The website for Air Arabia showed its return Sharjah-Almaty flights scheduled for Thursday as cancelled.
Other reported developments include:
- Internet access has been blocked in Almaty, as well as in some parts of the capital Nur-Sultan.
- WhatsApp and Telegram messengers have been down since Tuesday Jan. 4.
- Workers of oil fields in the natural-resource rich state have joined the protesters.
- Almaty’s public health department said 190 people needed medical aid because of the protests — 137 police officers and 53 civilians. Seven of those — including four police officers — are in intensive care.
- There have been restrictions imposed on travel as part of the state of emergency.
- The EU Commission, asked whether it would suspent the EU's trade agreement with Kazakhstan, said it was premature to comment, according to Reuters.
Kazakhstan is experiencing the worst street protests the country has seen since gaining independence three decades ago.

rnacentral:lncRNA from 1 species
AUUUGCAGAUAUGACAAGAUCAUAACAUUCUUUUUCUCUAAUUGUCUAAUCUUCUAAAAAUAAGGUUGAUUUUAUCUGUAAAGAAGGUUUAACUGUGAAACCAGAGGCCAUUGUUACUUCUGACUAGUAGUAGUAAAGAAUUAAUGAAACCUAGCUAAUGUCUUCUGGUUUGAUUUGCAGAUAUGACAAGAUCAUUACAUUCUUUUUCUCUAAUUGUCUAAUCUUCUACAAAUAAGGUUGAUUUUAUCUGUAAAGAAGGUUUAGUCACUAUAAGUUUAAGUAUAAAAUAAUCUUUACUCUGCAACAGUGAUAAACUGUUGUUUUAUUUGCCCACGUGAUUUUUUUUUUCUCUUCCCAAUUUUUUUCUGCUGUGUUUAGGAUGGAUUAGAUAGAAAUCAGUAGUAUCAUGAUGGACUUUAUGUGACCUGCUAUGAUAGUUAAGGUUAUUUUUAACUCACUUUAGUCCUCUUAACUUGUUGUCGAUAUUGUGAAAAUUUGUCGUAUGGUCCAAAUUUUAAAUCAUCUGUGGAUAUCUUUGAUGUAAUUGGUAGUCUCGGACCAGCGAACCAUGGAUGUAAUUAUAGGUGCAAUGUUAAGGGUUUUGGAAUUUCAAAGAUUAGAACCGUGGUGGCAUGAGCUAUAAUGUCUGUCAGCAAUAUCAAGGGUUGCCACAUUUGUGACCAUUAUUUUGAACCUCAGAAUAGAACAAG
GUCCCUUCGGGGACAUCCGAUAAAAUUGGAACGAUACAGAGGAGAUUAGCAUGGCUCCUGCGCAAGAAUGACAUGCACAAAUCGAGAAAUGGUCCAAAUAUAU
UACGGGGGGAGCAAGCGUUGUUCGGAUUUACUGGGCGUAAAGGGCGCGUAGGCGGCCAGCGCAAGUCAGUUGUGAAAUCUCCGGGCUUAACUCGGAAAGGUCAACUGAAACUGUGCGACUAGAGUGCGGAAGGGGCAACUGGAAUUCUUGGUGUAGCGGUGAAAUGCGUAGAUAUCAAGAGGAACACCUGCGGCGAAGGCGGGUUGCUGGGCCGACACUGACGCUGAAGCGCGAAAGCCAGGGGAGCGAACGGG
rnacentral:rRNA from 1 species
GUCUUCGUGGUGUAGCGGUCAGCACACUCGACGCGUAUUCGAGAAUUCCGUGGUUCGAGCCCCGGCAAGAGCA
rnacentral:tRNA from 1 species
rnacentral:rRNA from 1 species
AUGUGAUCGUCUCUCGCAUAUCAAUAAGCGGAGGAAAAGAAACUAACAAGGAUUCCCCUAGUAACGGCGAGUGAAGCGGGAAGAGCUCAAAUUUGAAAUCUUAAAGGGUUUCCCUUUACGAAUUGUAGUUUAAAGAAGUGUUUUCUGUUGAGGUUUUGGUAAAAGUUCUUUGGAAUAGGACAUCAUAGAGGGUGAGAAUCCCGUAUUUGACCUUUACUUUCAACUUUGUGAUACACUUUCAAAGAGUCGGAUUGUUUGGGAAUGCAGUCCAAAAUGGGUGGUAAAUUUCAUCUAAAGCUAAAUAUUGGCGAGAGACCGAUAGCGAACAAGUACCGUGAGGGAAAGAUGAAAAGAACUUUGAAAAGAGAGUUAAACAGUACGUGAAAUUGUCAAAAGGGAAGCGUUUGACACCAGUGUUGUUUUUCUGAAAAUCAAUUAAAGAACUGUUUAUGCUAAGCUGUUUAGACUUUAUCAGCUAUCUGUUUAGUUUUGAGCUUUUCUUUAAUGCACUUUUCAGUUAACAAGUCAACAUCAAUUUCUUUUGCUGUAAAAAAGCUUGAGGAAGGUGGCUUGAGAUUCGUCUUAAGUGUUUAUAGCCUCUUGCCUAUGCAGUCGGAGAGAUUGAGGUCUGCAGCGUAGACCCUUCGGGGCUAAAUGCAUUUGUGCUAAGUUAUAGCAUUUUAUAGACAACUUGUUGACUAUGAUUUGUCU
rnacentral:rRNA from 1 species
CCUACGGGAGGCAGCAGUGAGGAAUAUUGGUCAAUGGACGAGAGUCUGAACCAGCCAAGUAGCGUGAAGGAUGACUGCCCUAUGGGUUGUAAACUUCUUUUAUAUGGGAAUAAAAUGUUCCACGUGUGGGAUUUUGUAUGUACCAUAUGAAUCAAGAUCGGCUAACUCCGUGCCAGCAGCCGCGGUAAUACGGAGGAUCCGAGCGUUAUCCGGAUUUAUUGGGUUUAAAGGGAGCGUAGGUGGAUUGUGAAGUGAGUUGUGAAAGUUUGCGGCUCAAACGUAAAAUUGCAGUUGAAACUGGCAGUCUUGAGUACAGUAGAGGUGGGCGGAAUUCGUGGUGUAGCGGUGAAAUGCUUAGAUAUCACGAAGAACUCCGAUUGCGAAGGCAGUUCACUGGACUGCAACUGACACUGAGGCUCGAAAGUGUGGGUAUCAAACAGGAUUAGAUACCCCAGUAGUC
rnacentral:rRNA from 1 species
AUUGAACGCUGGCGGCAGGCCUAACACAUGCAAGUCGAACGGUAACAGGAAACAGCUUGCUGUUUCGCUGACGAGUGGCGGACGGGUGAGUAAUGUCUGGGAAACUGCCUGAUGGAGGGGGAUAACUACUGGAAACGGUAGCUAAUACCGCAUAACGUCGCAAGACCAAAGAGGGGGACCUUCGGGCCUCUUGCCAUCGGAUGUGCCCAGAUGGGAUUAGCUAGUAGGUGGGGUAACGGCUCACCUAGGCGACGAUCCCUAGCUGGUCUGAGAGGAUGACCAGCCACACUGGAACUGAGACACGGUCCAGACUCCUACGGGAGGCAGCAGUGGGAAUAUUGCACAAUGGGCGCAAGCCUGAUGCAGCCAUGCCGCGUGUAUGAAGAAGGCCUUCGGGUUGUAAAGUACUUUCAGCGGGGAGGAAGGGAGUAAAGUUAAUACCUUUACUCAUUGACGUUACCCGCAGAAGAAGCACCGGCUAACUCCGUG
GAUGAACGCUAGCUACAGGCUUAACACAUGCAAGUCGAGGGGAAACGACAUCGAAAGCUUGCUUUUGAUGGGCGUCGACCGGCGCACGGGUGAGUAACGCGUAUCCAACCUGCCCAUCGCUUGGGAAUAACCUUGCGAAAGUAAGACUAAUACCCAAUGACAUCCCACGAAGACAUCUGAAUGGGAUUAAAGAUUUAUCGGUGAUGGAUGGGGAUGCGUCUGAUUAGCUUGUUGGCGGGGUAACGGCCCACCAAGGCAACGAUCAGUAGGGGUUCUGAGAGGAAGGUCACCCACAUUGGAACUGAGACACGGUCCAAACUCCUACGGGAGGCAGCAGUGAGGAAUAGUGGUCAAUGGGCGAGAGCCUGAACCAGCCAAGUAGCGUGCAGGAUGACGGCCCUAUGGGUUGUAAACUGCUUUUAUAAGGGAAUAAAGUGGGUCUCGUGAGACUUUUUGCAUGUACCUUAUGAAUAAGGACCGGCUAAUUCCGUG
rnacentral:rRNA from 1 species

Government buildings have been set ablaze and at least eight law enforcement officers have been killed.
— Steve Hanke (@steve_hanke) January 5, 2022
Almaty airport was reportedly overrun by anti-government protesters on Wednesday, forcing flights to be cancelled, before it was later retaken by government security forces.
The violent anti-government protests have led Kazakhstan's leaders to declare a two-week nationwide state of emergency.
The protests were triggered by a spike in the price of fuel, with prices for the liquified petroleum gas most people in western oil town of Zhanaozen use to power their cars doubling overnight on Saturday.
Protesters now storming the main government building in Kazakhstan’s largest city Almaty. pic.twitter.com/lemKcpILL8
— Patrick Reevell (@Reevellp) January 5, 2022
Demonstrations quickly expanded to a more general frustration with the Kazakhstan government, and on Wednesday President Kassym-Jomart Tokayev sought to placate the crowds by dismissing the entire government.
Later that day he adopted a tougher line against the protesters, accusing them of being in the service of international terrorist gangs.
A Russia-led military alliance agreed on Thursday to send peacekeepers to the country.